The Middle East

History 12

Fall 2018
Archana Gubbi Prakash
101 Life Sciences Building Addition
Day & Time: 
Tue/Thu 9:30–11am
Class Number: 

An introduction to the history of the widely misunderstood region known today as the “Middle East,” from the 7th century to the present day. Framed by contemporary concerns, the course will trace how a variety of factors like social life, family, gender, sexuality, politics, culture, economy, class and religion interacted over time in a region dominated, yet not necessarily defined by Islam. Students will be challenged to think critically, interpret primary sources and engage with relevant historical methods, learning to discern and craft historical arguments through an engagement with the major debates in the field. Subjects covered include the long-term social and political continuities in the ancient Middle East leading up to the foundation of Islam; the prophet Muhammad and his community; the Rightly- guided Caliphs and the early Arab conquests; the Umayyad and Abbasid Empires; the political fragmentation of the Near East; the Crusades; the Mongol invasions; the rise of the Ottoman and Safavid empires; the formation of the modern Middle East in the nineteenth and twentieth centuries, interrogating the impact of colonialism and capitalism, modern state formation, nationalism, neo-liberalism, and the rise of political Islam in the region at large.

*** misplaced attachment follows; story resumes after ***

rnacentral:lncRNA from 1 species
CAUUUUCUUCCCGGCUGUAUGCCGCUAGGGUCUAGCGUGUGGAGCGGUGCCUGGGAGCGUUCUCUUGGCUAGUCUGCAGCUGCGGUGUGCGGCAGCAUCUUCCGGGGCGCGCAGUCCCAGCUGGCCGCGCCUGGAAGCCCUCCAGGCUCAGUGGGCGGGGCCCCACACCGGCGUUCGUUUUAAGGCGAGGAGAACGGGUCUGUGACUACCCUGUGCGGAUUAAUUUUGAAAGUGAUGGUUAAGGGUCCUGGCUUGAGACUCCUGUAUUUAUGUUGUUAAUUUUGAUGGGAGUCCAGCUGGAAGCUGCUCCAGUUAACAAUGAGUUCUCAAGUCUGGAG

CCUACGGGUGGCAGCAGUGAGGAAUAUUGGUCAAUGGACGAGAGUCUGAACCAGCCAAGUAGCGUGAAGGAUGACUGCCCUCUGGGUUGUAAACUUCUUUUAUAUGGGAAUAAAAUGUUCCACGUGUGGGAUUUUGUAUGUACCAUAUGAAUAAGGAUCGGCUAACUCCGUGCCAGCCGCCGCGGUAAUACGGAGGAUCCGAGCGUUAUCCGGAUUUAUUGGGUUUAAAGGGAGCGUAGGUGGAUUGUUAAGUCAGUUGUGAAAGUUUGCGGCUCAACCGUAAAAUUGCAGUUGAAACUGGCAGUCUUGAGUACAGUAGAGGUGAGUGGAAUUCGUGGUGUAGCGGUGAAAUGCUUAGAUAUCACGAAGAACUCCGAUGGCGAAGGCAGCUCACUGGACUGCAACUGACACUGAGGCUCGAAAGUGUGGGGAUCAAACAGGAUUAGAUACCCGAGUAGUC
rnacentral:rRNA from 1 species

Archana Prakash received her Ph.D. in Middle East History from the University of Illinois at Urbana-Champaign and previously taught courses on the history of the Middle East and Islam at Stanford University. Her research examines how Egyptians transformed European knowledge by implementing it through modern education in Egypt, as well as how Egyptian ideas about education and knowledge evolved over the course of the nineteenth century.